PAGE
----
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“Many businesses that don’t automate soon will cease to exist.”

For years, craft businesses in Germany have been struggling with a shortage of skilled workers and a lack of trainees. For Werner Hampel, who has been an entrepreneur in the field of robotics for 30 years, there is therefore only one logical consequence for many businesses: automation. In an interview, he reveals which fears have to be overcome and how craft businesses can master the start into automation.


Interview about the start into automation

What questions do craft businesses ask themselves about the topic of “automation”?

These are really always the same two questions: “Is automation controllable for me?” and “Is it affordable for me?” On the one hand, it’s a question of whether my workers can work with a robot. And then, of course, on the other side is the cost issue. Many craft businesses don’t think they have the money to spare. But the investment costs for a KUKA welding cell that runs in two shifts, for example, can pay for itself within around 17 months – depending on the consideration of the residual value and average annual return on investment.

At the Decker joinery in Tyrol, a KR 360 is used on a linear guide rail. This enables tree trunks around eight meters long to be processed. (Source: Decker joinery)

What are the biggest fears about this?

“You’ve spent a lot of money and then it doesn’t work.” In my estimation, that is the main fear of craftsmen. But on the other hand, I can clearly see that many have the courage to go down this path. I get a number of calls from craftsmen saying: “I have a work step that I could well imagine using a robot for. But then they always have the same follow-up question: “Can I program it myself? And how much will it cost me?” Once these questions have been answered, planning can begin.

And how do skilled trades know if they can handle automation?

Generally, that’s not a problem. After all, it has been proven many times that robotics is not rocket science and is feasible for companies. At KUKA, there are great possibilities: Using the KUKA.Handguiding system with ready2_pilot, I can show the robot, do this or that. And with an employee, it’s no different at first. But the robot does it without a lunch break. However, it does not make the employee superfluous, but relieves him. The robot can take care of monotonous work while the craftsman takes on other, more important tasks. No one loses their job. On the contrary, many companies that don’t start automating soon will cease to exist.
He knows the concerns of the industry: An absolute expert in the field of automation in the trade is Werner Hampel, Managing Director of Robtec GmbH. (Source: Robotec)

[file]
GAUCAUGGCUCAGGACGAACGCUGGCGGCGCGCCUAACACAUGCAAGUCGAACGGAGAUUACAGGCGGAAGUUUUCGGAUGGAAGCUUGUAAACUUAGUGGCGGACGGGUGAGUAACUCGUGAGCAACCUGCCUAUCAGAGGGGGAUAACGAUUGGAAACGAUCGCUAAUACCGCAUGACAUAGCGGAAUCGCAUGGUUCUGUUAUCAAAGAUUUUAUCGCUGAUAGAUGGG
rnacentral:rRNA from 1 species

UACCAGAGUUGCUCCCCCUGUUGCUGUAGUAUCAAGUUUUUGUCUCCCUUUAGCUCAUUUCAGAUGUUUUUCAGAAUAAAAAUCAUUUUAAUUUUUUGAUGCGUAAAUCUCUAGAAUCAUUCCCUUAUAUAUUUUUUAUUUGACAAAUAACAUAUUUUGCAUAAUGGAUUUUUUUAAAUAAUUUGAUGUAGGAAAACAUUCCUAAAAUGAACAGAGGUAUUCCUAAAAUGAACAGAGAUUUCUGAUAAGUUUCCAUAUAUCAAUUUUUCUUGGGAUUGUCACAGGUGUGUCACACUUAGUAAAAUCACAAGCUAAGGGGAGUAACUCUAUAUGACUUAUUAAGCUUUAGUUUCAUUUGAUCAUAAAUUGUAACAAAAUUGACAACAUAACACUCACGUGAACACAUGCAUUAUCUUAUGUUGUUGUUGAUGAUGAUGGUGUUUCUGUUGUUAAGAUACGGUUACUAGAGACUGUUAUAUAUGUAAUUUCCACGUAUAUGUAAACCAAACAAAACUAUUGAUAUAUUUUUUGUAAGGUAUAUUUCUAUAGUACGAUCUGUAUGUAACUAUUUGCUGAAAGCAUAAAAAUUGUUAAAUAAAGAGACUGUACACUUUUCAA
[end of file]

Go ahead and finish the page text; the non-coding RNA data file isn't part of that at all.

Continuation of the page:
Which craft businesses have great potential for automation but are not yet using it?

As soon as I manufacture or process products or tools at my company, this comes into question – whether stair railings, cabinets or plane irons. I may even have a small series production. These are businesses that can benefit from automation. In purely theoretical terms, this could also be the baker. The master baker with 40 years of experience will continue to do so. But will he find enough apprentices? The robot can support even there.

In a nutshell: What clearly speaks for automation?

It consistently produces consistent quality at a predictable price. It works faster and more accurately. It has more power. And as a result, I get more orders and at the same time relieve my employees, who can then tackle more important tasks.

What are the next steps once the craft business has decided to automate?

First of all, I need to know where I want to use the robot. It is best to look for a place and a simple, perhaps even a monotonous job, the execution of which is always difficult to occupy. A job that nobody likes to do. That’s where the 4 Ds come in: dull, dirty, dangerous and difficult. In any case, I look for the job that is most likely to be worth automating. That’s where I start and gather my first experiences. So I get a robot into the plant or a complete manufacturing cell from KUKA.
A robot also helps master carpenter Axel Eigenstetter (left): The KR 500 FORTEC is operated by employee Gunnar Mai. (Source: Eigenstetter joinery)

How can KUKA help craft businesses?

The craftsman says for which task he needs a robot. Maybe he even sends a workpiece there. KUKA offers the option of creating simulations and feasibility analyses free of charge. Thanks to many years of expertise, the engineers then usually already know which components are needed. KUKA also has a partner network and is sure to find the right contact if additional automation expertise is still needed.

To whom does this still apply?

Especially for skilled workers. Take welding, for example: There are very good welders, but they are dying out because there are not enough young people. No one wants to weld seams all day in a mask and suit anymore. KUKA has recognized this very well and is addressing it with the KUKA cell4_arc arc welding cells. Automation therefore offers a practical solution to a problem such as the shortage of skilled workers. And this is where we, as integrators or robot builders, must also start.
About the author
Sebastian Schuster
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